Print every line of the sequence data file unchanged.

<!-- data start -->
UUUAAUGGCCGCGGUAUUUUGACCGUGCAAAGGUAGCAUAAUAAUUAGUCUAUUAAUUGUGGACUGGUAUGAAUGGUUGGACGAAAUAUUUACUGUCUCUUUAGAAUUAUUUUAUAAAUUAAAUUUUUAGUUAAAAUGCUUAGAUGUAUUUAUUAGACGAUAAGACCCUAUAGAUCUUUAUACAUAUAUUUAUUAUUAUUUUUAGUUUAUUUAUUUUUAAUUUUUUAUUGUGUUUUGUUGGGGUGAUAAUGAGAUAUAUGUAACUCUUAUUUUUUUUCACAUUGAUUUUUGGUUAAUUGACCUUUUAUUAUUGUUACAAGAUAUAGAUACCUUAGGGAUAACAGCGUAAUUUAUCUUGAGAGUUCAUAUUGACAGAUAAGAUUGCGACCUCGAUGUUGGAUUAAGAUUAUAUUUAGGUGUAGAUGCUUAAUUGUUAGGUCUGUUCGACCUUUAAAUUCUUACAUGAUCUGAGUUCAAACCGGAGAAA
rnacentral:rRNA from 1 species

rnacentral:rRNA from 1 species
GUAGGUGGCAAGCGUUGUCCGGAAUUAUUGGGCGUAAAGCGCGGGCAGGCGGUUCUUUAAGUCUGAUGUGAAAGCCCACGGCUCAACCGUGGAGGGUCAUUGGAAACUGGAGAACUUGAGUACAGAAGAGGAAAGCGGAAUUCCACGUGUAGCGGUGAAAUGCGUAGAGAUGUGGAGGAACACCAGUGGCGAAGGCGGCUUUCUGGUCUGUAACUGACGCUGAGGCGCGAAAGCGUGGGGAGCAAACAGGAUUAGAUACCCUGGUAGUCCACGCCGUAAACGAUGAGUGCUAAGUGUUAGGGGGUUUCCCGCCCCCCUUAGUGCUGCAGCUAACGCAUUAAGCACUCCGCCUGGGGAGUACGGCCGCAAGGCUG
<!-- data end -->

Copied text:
UUUAAUGGCCGCGGUAUUUUGACCGUGCAAAGGUAGCAUAAUAAUUAGUCUAUUAAUUGUGGACUGGUAUGAAUGGUUGGACGAAAUAUUUACUGUCUCUUUAGAAUUAUUUUAUAAAUUAAAUUUUUAGUUAAAAUGCUUAGAUGUAUUUAUUAGACGAUAAGACCCUAUAGAUCUUUAUACAUAUAUUUAUUAUUAUUUUUAGUUUAUUUAUUUUUAAUUUUUUAUUGUGUUUUGUUGGGGUGAUAAUGAGAUAUAUGUAACUCUUAUUUUUUUUCACAUUGAUUUUUGGUUAAUUGACCUUUUAUUAUUGUUACAAGAUAUAGAUACCUUAGGGAUAACAGCGUAAUUUAUCUUGAGAGUUCAUAUUGACAGAUAAGAUUGCGACCUCGAUGUUGGAUUAAGAUUAUAUUUAGGUGUAGAUGCUUAAUUGUUAGGUCUGUUCGACCUUUAAAUUCUUACAUGAUCUGAGUUCAAACCGGAGAAA
rnacentral:rRNA from 1 species

rnacentral:rRNA from 1 species
GUAGGUGGCAAGCGUUGUCCGGAAUUAUUGGGCGUAAAGCGCGGGCAGGCGGUUCUUUAAGUCUGAUGUGAAAGCCCACGGCUCAACCGUGGAGGGUCAUUGGAAACUGGAGAACUUGAGUACAGAAGAGGAAAGCGGAAUUCCACGUGUAGCGGUGAAAUGCGUAGAGAUGUGGAGGAACACCAGUGGCGAAGGCGGCUUUCUGGUCUGUAACUGACGCUGAGGCGCGAAAGCGUGGGGAGCAAACAGGAUUAGAUACCCUGGUAGUCCACGCCGUAAACGAUGAGUGCUAAGUGUUAGGGGGUUUCCCGCCCCCCUUAGUGCUGCAGCUAACGCAUUAAGCACUCCGCCUGGGGAGUACGGCCGCAAGGCUG